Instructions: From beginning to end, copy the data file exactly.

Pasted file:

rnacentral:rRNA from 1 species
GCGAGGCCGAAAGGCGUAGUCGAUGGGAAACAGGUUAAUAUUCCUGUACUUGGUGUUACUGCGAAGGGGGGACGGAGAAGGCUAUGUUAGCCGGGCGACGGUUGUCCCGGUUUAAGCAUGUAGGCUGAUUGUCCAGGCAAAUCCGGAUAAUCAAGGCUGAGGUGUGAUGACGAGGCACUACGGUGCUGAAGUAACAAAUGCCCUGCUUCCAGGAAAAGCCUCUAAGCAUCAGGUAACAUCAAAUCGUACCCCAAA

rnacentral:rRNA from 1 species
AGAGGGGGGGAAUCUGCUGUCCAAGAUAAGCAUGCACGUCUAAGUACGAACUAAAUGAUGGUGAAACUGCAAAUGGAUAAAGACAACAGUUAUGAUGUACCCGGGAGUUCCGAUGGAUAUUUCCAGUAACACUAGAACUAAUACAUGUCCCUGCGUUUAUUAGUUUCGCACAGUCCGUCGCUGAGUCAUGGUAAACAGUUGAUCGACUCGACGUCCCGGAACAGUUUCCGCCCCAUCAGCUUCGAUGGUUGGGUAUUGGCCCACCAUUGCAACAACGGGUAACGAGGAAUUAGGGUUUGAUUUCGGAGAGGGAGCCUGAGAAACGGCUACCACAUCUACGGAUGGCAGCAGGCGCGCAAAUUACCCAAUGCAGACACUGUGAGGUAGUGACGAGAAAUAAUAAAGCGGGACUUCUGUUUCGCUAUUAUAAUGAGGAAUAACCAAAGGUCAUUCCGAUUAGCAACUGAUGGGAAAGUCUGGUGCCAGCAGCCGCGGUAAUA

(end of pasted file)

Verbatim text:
rnacentral:rRNA from 1 species
GCGAGGCCGAAAGGCGUAGUCGAUGGGAAACAGGUUAAUAUUCCUGUACUUGGUGUUACUGCGAAGGGGGGACGGAGAAGGCUAUGUUAGCCGGGCGACGGUUGUCCCGGUUUAAGCAUGUAGGCUGAUUGUCCAGGCAAAUCCGGAUAAUCAAGGCUGAGGUGUGAUGACGAGGCACUACGGUGCUGAAGUAACAAAUGCCCUGCUUCCAGGAAAAGCCUCUAAGCAUCAGGUAACAUCAAAUCGUACCCCAAA

rnacentral:rRNA from 1 species
AGAGGGGGGGAAUCUGCUGUCCAAGAUAAGCAUGCACGUCUAAGUACGAACUAAAUGAUGGUGAAACUGCAAAUGGAUAAAGACAACAGUUAUGAUGUACCCGGGAGUUCCGAUGGAUAUUUCCAGUAACACUAGAACUAAUACAUGUCCCUGCGUUUAUUAGUUUCGCACAGUCCGUCGCUGAGUCAUGGUAAACAGUUGAUCGACUCGACGUCCCGGAACAGUUUCCGCCCCAUCAGCUUCGAUGGUUGGGUAUUGGCCCACCAUUGCAACAACGGGUAACGAGGAAUUAGGGUUUGAUUUCGGAGAGGGAGCCUGAGAAACGGCUACCACAUCUACGGAUGGCAGCAGGCGCGCAAAUUACCCAAUGCAGACACUGUGAGGUAGUGACGAGAAAUAAUAAAGCGGGACUUCUGUUUCGCUAUUAUAAUGAGGAAUAACCAAAGGUCAUUCCGAUUAGCAACUGAUGGGAAAGUCUGGUGCCAGCAGCCGCGGUAAUA